This quote is by D’Annunzio himself, and it is one of the many by literates and singers, that we could take to introduce Barbanera, the oldest and most famous Italian almanac and calendar. It was published for the first time in 1762 in Foligno (Umbria region) and it is still printed today in 3 million copies.
A 260-years old story in which the renowned almanac taught Italians a life in harmony with the rhythms of Nature, a precious outlet rich of suggestions, curiosities, remedies.
Generations and generations learnt from its pages the most useful indications and suggestions for a healthy and happy life in respect of the world, the others, the environment, and themselves. An almanac of secrets that are not really secrets…
The publishing of the almanac started thanks to a philosopher, a scientist, a wise man: the hermit astronomer named Barbanera.
From the first issue, its publishing has never been interrupted and its diffusion spread so much to became integral part of history, culture, knowledge and life of Italian people.
It is such an important part of the collective immagination that the UNESCO included it among the “Memory of the World” heritage as a global representative of the literary genre of almanacs.
Today as yesterday, the editorial staff is still based in Umbria, in Spello, directed by Feliciano Campi and Luca Baldini for Editoriale Campi.
The secret of such longevity? The almanac is the result of a teamwork with few equals.
As Luca Baldini recounts: “The almanac is the result of many voices and experiences, tuned to the seasons. There are those who know about astronomy, others about astrology, those who know the name of plants, their needs or the uses suggested by tradition. Those who know how to calculate the azimuth or the epact (the days that separate January 1 from the last new moon of the previous year, indispensable for determining the date of Easter), those who scan the stars and those who know how to embroider words”.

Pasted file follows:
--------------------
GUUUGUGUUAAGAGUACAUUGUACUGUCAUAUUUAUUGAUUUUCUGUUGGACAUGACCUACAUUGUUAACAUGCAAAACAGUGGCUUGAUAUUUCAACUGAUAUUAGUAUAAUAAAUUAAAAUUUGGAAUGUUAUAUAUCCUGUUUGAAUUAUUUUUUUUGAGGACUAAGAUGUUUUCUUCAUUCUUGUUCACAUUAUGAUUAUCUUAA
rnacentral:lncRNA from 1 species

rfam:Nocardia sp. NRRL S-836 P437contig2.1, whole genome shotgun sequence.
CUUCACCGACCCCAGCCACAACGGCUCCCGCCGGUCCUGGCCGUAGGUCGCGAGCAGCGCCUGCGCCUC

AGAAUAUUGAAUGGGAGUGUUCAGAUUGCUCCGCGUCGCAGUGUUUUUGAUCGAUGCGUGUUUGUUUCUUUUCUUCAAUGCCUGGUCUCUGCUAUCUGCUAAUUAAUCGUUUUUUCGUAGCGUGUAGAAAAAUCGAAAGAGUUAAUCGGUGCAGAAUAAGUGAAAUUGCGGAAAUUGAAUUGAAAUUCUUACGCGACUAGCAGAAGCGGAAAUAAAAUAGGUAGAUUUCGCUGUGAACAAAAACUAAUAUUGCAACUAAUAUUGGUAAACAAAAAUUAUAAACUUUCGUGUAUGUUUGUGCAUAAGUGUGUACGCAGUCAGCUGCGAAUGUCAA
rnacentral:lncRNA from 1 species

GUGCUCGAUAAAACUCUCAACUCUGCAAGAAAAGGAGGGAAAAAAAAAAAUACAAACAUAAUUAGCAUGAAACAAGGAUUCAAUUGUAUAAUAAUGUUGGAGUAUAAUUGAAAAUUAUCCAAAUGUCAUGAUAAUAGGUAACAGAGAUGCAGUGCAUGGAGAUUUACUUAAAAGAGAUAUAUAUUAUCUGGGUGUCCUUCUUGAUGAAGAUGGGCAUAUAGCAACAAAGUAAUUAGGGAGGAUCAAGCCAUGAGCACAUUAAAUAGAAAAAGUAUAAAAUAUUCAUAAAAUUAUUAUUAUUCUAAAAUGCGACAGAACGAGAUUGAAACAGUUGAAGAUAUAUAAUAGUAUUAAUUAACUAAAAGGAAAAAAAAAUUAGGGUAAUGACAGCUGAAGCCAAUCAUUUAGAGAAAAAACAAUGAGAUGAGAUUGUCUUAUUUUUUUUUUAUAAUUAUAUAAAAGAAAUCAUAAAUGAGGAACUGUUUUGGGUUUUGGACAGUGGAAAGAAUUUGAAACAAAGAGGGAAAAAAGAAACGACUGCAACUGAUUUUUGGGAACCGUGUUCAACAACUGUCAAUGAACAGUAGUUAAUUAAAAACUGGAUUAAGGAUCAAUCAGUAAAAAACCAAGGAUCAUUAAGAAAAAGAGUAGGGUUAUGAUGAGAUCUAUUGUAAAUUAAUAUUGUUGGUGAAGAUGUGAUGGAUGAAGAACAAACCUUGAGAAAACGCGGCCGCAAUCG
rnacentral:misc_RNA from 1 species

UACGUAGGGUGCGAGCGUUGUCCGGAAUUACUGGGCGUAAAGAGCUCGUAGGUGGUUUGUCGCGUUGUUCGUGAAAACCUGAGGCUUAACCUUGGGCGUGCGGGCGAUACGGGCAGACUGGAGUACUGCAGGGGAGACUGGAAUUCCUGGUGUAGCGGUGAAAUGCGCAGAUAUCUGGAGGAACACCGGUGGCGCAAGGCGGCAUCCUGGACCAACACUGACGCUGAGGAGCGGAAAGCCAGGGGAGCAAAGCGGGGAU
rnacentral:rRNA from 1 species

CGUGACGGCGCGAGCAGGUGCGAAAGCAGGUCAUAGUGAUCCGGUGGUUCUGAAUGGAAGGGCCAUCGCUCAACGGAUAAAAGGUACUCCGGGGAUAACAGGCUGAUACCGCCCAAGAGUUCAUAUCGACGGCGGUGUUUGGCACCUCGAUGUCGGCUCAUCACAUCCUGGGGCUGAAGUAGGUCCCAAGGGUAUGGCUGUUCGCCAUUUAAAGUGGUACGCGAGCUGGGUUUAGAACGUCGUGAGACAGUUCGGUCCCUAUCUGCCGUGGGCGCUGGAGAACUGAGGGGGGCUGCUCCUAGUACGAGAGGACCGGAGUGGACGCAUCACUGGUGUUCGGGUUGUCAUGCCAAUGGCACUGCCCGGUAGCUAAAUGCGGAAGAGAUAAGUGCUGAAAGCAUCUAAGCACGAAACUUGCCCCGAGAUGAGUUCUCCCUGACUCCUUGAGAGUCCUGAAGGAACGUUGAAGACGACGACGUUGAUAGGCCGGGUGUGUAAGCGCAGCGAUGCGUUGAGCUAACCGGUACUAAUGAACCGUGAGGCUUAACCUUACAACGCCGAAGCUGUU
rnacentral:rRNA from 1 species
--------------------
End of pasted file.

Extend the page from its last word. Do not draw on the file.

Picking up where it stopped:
Working collectively, and also thanks to the opportunity to consult a collection of no less than 40,000 documents from the Barbanera 1762 Foundation, the editorial team builds up the cultural profile of the almanac every day, dealing with the themes to which it has been historically associated, that “familiar knowledge ” in which the most diverse notions converge, from agriculture to astrology, herbal medicine to recipes.
The almanac, as Baldini says “is a singer of everyday life, it is the spokesman of time that flows cyclically, and of the gestures necessary to fill it with meaning, according to rites and methods that human civilization has refined over the centuries”.
By the people for the people, we could say; a choral work that finds its ceremonial moment in the coffee ritual.
As Luca himself tells us, “coffee, as good Italians, is for us an indispensable shared ritual, an ingredient of that Italian good living that we tell in the pages of our almanac, to be consumed strictly together: in the morning, while we take stock of the situation, or during the day, for a quicker and more informal break; among us or together with the guests, who feel more at home over a coffee”.